A further paper mill was built at Geelong in 1890 by William Daniel Hughes, a former manager of the Barwon Paper Mills. Hughes, an experienced papermaker from Lancashire in England, constructed the Austral Paper Mill at Marnockvale and imported his own machine from England. Though the mill was completed and the papermaking machine arrived at Geelong he became insolvent before he could commence production. The mill was eventually sold and the papermaking machine shipped to Sydney in 1896 where it is believed to have been used in the Waterloo Paper Mills of George Adams.

When Samuel Ramsden died in February 1877 his adjoining mills in Melbourne passed to his son, George Ramsden who ran them until 1882 when they were sold to William Brookes and Archibald Currie. In 1895 Brookes and Currie, through their agent Robert George McCutcheon, acquired the Barwon Paper Mills. They then joined with James Macdougall of the Broadford Mill to form "The Australian Paper Mills Co. Ltd.", combining the mills at Melbourne, Geelong and Broadford into the one firm.


Amcor Archives (University of Melbourne Archives, Baillieu Library, Melbourne)

Angus, John H. Papermaking Pioneers (New Zealand Paper Mills, Ltd., Mataura, N.Z., 1976)

A.P.M. Market Research A Brief History of Paper Making in Australia (A.P.M., 1975)

Brownhill, W. Randolph History of Geelong and Corio Bay (Melbourne, Vic., 1955)

Clapperton, R. H. The Papermaking Machine (Pergammon Press)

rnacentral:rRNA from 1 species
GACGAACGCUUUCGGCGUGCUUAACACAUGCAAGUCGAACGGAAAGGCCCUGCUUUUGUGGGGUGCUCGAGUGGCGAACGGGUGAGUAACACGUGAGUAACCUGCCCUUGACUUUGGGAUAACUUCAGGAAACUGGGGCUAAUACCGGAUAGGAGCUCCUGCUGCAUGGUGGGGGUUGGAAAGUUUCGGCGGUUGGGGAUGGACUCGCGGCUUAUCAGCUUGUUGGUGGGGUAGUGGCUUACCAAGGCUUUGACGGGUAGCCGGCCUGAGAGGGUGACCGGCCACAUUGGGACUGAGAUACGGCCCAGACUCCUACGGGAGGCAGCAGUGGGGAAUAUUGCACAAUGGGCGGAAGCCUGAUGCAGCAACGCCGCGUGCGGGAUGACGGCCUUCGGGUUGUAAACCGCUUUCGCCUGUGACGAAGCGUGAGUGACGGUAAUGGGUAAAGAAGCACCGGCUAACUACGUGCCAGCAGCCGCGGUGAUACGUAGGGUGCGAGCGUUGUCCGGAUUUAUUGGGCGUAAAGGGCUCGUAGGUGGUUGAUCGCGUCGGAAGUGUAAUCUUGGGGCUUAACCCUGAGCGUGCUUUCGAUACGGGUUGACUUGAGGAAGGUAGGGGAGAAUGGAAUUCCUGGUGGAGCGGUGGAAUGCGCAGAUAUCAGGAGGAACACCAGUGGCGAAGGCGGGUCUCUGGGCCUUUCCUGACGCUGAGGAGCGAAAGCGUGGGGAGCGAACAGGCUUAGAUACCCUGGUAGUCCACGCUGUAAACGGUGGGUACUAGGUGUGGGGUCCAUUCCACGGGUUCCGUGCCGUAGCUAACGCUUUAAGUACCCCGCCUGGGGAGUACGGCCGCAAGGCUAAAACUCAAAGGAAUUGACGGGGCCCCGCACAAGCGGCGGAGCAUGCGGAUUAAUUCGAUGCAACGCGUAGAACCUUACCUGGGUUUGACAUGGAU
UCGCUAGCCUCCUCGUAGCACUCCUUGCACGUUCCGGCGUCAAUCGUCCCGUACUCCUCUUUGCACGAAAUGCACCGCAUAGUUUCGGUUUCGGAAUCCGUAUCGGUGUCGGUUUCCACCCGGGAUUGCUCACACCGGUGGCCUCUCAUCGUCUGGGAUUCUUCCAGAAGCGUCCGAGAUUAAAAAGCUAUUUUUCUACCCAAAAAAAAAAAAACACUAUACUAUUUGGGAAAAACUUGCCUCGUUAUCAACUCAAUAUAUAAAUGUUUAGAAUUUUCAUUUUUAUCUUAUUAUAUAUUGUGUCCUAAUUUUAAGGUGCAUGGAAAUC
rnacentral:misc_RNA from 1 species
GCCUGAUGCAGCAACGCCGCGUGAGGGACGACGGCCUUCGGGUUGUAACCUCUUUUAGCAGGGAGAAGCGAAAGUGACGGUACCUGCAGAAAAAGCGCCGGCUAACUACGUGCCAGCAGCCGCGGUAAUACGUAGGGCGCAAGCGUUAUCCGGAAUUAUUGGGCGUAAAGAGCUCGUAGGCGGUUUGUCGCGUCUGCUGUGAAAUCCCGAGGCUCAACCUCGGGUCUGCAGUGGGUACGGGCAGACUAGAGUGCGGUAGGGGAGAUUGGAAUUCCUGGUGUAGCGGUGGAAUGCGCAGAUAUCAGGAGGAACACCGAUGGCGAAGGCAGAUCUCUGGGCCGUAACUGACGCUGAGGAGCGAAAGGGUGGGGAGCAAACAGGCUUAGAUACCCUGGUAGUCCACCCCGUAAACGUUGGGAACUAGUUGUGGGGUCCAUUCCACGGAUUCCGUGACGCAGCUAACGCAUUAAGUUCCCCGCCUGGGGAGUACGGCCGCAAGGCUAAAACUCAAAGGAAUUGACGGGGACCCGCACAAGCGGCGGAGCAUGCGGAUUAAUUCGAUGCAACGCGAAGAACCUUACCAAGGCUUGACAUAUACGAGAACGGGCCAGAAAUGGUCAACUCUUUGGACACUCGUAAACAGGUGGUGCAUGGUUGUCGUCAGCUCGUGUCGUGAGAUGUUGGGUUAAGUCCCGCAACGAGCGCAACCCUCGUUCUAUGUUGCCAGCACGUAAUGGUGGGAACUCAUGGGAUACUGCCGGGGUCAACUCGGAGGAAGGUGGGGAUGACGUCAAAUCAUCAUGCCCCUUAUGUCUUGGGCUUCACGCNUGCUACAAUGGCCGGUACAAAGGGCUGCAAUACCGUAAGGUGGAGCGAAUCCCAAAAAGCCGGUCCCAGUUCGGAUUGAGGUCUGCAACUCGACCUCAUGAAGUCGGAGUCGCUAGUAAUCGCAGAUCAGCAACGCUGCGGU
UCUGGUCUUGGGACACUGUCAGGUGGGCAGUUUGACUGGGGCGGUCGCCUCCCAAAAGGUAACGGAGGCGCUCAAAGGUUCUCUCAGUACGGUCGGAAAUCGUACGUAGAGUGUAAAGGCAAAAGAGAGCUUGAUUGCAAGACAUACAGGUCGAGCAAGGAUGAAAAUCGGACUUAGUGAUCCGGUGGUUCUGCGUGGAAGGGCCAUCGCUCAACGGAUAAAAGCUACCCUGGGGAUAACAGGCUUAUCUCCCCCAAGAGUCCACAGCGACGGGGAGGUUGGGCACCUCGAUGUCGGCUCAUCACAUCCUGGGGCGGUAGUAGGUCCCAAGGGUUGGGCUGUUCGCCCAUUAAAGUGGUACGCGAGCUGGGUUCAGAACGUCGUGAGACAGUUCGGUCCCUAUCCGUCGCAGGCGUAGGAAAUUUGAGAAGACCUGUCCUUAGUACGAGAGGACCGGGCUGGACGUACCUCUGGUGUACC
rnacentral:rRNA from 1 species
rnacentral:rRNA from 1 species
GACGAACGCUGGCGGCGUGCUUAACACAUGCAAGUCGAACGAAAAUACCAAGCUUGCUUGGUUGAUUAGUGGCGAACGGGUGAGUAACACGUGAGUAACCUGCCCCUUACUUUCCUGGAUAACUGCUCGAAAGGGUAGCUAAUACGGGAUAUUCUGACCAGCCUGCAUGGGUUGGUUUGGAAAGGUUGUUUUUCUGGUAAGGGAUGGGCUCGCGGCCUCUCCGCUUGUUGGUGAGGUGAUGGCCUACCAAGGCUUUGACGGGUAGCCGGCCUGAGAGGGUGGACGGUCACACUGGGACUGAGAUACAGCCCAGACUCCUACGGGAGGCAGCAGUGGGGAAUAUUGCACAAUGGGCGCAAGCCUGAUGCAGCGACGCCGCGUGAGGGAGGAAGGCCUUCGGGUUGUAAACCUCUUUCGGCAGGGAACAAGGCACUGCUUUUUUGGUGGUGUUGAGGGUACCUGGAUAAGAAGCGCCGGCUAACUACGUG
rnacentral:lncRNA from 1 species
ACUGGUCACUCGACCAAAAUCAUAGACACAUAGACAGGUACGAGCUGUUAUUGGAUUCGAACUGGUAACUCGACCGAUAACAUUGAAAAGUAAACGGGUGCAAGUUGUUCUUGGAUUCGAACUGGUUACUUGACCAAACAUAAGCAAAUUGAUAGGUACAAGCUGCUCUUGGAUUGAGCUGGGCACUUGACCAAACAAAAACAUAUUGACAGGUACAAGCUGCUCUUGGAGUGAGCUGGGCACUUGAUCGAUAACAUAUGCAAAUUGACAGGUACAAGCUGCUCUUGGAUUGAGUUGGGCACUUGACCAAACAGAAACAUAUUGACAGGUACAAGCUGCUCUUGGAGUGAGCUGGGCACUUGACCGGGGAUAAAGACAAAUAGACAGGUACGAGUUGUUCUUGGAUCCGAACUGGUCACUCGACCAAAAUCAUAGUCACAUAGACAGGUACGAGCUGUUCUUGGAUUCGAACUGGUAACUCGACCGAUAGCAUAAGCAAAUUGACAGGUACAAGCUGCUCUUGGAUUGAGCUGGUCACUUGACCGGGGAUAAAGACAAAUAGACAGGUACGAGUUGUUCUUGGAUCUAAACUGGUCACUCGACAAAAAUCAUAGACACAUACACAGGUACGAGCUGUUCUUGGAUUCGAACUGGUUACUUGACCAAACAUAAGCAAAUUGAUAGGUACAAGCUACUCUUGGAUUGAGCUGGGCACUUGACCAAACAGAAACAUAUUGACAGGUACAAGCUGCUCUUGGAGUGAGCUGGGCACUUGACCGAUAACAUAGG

Gillespie, F. Elise Early History of Geelong Paper Mill (A.P.M., 1950)

Graham, Sally (ed.)The Ramsdens (Seaview Press, Henley Beach, S.A., 1999)

Hughes, Ian Alexander Hughes, A Family of Papermakers (privately published, Melbourne, Vic., 1979)

Milner, Peter (Dr.) The Engineering of the Barwon Paper Mill at Fyansford (Appita Vol. 39, No. 2, Melbourne, 1986)

Pitkethly, Anne Paper Manufacturing in Victoria, from European Settlement to Federation (privately published, Melbourne, Vic., 2017)

Rule, Andrew Through the Mill, A History of the Broadford Mill (Floradale Productions Pty. Ltd., Kilmore, Vic., 1990)

Sinclair, E. Keith The Spreading Tree, A History of APM and Amcor 1844-1989 (Allen & Unwin, North Sydney, N.S.W., 1991)

- First Paper Mills- Kenny's Mill- Woodhaugh Paper Mill
- Collingwood Paper Mills- Martelli's Planned Paper Mill- Mataura Paper Mill
- Dunmore Paper Mill- Ramsden's Paper Mill- Riverhead Paper Mill
- Liverpool Paper Mill- Fieldhouse's Paper Mill
- Wearne's Paper Mill- Barwon Paper Mill
- Waterloo Paper Mill- Austral Paper Mill
- Broadford Paper Mill

Biographies of Papermakers, etc.

Consolidated Bibliography

Article by Anne Pitkethly